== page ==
In a judgment of 25 May 2009, the Labour Court (Court
of first instance) concurred with the demands of KRC Genk and ordered Dahmane
to compensate KRC Genk for EUR 878.888,88.
Dahmane placed an appeal with The Court of Labour
arguing that Article 4 § 4 of the Law for Professional Athletes and the Royal
Decree breached Articles 10 and 11 of the Belgian Constitution on equal treatment
and non-discrimination. KRC
Genk, for its part, argued that the difference between labour agreements of
professional footballers on the one hand and “normal” labour agreements on the
other is based on the ‘specific character of labour agreements of professional footballers
and the specific character of sport in general’. Thus, the ‘specificity of
sport’ would imply a special status for sport, whereby ‘normal’ law (i.e. the general
Labour Agreements Law) cannot be applied unabridged. KRC Genk highlighted that
to achieve the objectives inherent to football, which include avoiding
competition distortions and the preservation of the stability of participating
sport clubs, certain specific measures, such as the Royal Decree of 2004, can
be taken in order to safeguard the legal certainty of labour relationships in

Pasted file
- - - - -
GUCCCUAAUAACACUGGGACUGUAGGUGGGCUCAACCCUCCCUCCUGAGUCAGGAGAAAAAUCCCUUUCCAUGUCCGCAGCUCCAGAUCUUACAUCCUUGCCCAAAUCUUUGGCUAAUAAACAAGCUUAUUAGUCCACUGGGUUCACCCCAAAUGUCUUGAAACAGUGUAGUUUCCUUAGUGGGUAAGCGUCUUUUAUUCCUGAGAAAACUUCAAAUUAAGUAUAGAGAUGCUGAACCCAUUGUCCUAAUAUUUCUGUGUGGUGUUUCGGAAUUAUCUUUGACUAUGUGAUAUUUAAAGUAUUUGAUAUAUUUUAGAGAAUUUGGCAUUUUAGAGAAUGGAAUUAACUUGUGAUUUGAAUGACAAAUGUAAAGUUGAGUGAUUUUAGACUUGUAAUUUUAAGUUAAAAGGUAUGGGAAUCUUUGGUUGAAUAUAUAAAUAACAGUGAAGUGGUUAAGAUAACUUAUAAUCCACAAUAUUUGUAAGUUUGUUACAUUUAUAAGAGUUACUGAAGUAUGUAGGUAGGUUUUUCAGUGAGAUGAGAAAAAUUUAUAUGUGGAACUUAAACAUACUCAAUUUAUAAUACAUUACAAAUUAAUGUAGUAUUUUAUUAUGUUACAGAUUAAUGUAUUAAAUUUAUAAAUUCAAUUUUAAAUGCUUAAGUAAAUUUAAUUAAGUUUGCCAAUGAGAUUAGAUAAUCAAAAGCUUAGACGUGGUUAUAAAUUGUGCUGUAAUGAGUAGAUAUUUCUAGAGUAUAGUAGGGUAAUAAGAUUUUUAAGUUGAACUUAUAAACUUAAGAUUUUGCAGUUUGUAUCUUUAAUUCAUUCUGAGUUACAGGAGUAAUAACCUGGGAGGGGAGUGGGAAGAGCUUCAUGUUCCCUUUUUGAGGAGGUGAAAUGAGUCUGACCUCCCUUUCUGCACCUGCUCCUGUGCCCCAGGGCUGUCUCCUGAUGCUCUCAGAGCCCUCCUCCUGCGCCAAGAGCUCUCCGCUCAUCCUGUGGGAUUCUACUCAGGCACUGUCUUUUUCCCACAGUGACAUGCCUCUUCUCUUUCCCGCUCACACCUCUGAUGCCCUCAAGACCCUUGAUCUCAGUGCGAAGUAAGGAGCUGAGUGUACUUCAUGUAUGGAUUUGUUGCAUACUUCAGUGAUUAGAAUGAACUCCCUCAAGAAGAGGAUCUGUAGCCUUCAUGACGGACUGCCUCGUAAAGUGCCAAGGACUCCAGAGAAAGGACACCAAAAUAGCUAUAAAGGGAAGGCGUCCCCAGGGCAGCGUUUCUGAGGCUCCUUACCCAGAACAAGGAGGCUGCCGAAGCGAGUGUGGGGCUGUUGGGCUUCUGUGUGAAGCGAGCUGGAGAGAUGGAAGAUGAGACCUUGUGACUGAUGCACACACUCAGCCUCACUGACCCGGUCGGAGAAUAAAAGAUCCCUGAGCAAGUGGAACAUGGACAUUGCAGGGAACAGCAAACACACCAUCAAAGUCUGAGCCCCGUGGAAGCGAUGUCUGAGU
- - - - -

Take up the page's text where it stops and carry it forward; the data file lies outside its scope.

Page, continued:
the sport sector.
The Court of Labour dismissed the arguments raised by
KRC Genk, and held that the Royal Decree applies to all professional sports,
not only to football, thereby denying validity to RKC Genk’s claims on the
specificity of football.
The Court agreed with KRC Genk that sport exhibits
certain characteristics that can deviate from other labour relationships
between employer and employee. However, the Royal Decree in question did not
mention the specificity of sport in its text, nor does it provide any objective
justifications as to why separate rules regarding compensation after a
unilateral termination of a labour contract is necessary for the sport sector.
Furthermore, the pursuit of financial profits, and the importance of preserving
a fair competition have to be taken into account. Those economic objectives are
not specific to the sport sector. Therefore, the Court saw no valid reason justifying
a separate Royal Decree, when sport’s economic dimension can be equally covered